November 29, 1995


Always True to Canada
by James Muretich - Southam Newspapers


In the last decade, Blue Rodeo has become a classic Canadian music story.

In America and Europe, the Toronto-based group gains a few favorable notices and sells a handful of discs.

Yet in Canada, Blue Rodeo is about as big as a recording act can get this side of Bryan Adams.

Each album, whether it spawns a hit song or not, sells well. Its tours draw legions of loyal fans, witness the three sold-out shows at the Centre's Jack Singer Concert Hall this Saturday to Monday.

"Canadians are very much disconnected from international music, from American music,'' says guitarist-vocalist Jim Cuddy.

"There's a safety in that. You know when you were a kid how there was this distance where you could yell safely back at somebody -- the hell with you! -- and you knew exactly where that distance was.

"Well, I think Canadians understand that they stand at that distance from the big time.''

Which isn't a bad thing. As Cuddy says, it's a key ingredient in giving Canadian bands a sound uniquely their own, be it Blue Rodeo's psychedelic-kinetic blend of country and rock or The Tragically Hip's brand of meat 'n' tell-tale taters rock.

"I think a lot of American music is characterized by a slavish reverence to whatever the sound or look or attitude is. Grunge bands have to look exactly like grunge bands. Obviously, there are some great bands that come out of that but the bands that do it that slavishly in Canada look ridiculous,'' says Cuddy.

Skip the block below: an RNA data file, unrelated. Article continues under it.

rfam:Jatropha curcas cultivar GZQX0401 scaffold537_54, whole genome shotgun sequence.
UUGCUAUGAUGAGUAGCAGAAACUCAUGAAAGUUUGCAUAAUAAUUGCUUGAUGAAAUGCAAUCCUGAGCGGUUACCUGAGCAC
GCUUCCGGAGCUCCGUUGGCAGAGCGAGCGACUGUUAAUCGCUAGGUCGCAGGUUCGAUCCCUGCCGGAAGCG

"We don't feel the same sort of loyalty to the past and therefore we think it's just fine if we want to put a big messy, jazzy, rock solo in the middle of a country song. We don't feel like we're drawing a moustache on anybody's family portrait.

"There's something always off about what Canadians do, a kind of ironic distance from the source that makes our stuff interesting but also makes it difficult to digest for the rest of the world.

"I mean, we think of The Hip as the most standard rock band up here. We all know someone like (lead singer) Gord Downie. People in the States, though, they always go: What's with that guy? They just don't get it. To us, that kind of irony is so familiar.''

For Cuddy and fellow Blue Rodeo songwriter Greg Keelor, it's been a long and winding road to come to that understanding. Years of punk-rock, ska and reggae in other bands.

"You have to try on a lot of clothes to find the suit that fits you . . . and we tried on the whole store.''

As Cuddy says, even though Blue Rodeo saw its country-rock as decidedly non-mainstream it "just happened to get into one of those little portholes of psychic opportunity.''

In among the weirder Doors-style nuggets like Floating, the band's first album yielded the hit ballad Try -- and Blue Rodeo has never looked back. It has kept on exploring new avenues, personally and musically.

"At times, being a Blue Rodeo is an uncomfortable thing and we're always trying to figure out ways to chip away at that, new ways to fight and new ways to make up and new songs to write.''

The band may not be big in Los Angeles or London but there are a lot of great artists who have remained truly Canadian in their appeal and their feel for music.

"I think there's a satisfaction in thinking of yourself in the same light as Gordon Lightfoot. I mean, that guy's a Canadian institution and maybe we're on our way to being that too. That would be an amazing position to be in,'' says Cuddy, in a self-effacing fashion that is, yeah, all Canadian. Calgary Herald.